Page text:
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Kv channel subunit expression in rat pulmonary arteries.

A R Davies, R Z Kozlowski

Lung, 2001 , 179, 147-61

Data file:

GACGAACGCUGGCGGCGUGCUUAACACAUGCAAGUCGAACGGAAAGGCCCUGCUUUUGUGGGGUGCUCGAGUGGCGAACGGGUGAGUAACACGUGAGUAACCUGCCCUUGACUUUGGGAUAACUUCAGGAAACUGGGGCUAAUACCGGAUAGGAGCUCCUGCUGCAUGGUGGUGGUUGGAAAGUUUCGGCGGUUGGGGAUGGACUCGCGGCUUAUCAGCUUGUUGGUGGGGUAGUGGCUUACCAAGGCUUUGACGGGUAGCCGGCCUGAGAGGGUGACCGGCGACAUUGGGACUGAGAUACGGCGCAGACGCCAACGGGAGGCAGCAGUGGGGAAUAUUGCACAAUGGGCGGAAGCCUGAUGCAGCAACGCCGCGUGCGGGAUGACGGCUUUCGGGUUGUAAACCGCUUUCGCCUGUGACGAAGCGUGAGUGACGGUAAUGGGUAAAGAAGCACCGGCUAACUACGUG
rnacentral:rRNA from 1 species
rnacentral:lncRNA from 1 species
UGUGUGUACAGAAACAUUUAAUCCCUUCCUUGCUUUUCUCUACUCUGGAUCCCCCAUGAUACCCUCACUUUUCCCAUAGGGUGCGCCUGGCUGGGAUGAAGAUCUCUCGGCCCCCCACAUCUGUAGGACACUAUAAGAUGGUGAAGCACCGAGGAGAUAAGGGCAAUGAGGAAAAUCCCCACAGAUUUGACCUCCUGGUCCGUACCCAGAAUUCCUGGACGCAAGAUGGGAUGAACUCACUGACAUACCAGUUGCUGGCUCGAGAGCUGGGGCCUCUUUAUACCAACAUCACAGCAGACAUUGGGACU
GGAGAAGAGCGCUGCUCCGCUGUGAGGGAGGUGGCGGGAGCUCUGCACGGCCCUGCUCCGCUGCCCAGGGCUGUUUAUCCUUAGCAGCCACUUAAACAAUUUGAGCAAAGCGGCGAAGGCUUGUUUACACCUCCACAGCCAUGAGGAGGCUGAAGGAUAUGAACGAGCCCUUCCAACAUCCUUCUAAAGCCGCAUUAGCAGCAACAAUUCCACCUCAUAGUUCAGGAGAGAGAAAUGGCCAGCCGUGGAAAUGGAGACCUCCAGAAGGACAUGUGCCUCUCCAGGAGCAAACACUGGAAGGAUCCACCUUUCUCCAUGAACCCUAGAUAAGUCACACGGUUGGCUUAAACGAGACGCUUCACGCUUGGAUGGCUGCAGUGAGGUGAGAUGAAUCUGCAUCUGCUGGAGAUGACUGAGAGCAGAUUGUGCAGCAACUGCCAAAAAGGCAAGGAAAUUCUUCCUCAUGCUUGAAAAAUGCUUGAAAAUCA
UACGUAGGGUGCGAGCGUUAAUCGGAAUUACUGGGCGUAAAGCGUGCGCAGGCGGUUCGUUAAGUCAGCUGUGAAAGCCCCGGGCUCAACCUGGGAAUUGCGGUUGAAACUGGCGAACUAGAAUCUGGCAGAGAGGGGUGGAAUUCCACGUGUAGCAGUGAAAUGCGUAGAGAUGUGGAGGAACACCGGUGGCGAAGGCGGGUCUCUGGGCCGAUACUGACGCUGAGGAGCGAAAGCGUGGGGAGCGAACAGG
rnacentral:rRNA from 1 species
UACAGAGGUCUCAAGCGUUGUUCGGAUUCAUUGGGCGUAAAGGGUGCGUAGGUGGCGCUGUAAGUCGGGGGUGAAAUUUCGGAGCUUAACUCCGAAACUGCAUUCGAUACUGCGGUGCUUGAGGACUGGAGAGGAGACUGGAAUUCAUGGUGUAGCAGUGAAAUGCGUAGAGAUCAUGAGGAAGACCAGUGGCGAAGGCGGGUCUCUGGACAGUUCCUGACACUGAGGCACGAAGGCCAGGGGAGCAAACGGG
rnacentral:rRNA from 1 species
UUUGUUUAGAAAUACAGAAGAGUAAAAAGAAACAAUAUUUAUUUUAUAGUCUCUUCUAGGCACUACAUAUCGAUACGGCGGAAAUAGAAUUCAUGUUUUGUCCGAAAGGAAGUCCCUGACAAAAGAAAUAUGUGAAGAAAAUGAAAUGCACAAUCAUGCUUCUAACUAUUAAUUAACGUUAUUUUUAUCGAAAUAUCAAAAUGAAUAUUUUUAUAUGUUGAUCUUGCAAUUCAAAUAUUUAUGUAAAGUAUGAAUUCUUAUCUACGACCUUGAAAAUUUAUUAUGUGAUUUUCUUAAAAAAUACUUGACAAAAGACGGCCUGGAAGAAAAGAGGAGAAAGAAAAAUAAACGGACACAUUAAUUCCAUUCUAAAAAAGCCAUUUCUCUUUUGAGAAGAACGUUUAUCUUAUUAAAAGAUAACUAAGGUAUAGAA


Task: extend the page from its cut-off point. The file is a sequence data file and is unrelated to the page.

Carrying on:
Hypoxic pulmonary vasoconstriction (HPV) is a mechanism whereby capillary perfusion is modulated to match alveolar ventilation by diverting blood flow away from poorly ventilated regions of the lung. K+ channels, sensitive to changes in oxygen tension, are thought to play a pivotal role in initiating contraction of pulmonary arterial smooth muscle cells. However, the specific channel subtypes involved have not yet been identified. Using RT-PCR, we have investigated the expression of delayed rectifying (Kv) channel mRNA in rat main and small pulmonary arteries and, for comparison, the systemic mesenteric artery. We have identified and fully sequenced a rat Kv9.2 cDNA and also demonstrated the presence of Kv1.7 and Kv4.1. The presence and relative distribution of Kv1.2, Kv1.5, Kv2.1, and Kv9 mRNA is consistent with the proposed contribution of these subunits to oxygen sensing by K channels, previously described in pulmonary arteries. Our data addresses the controversy relating to the likely distribution of Kv channels involved in oxygen sensing without necessarily implying that such subunits are directly responsible for this process. The differential expression of other subunits, particularly Kv4, indicates that these too may have a role in HPV, revealing the need for further biophysical evaluation of these channel subtypes.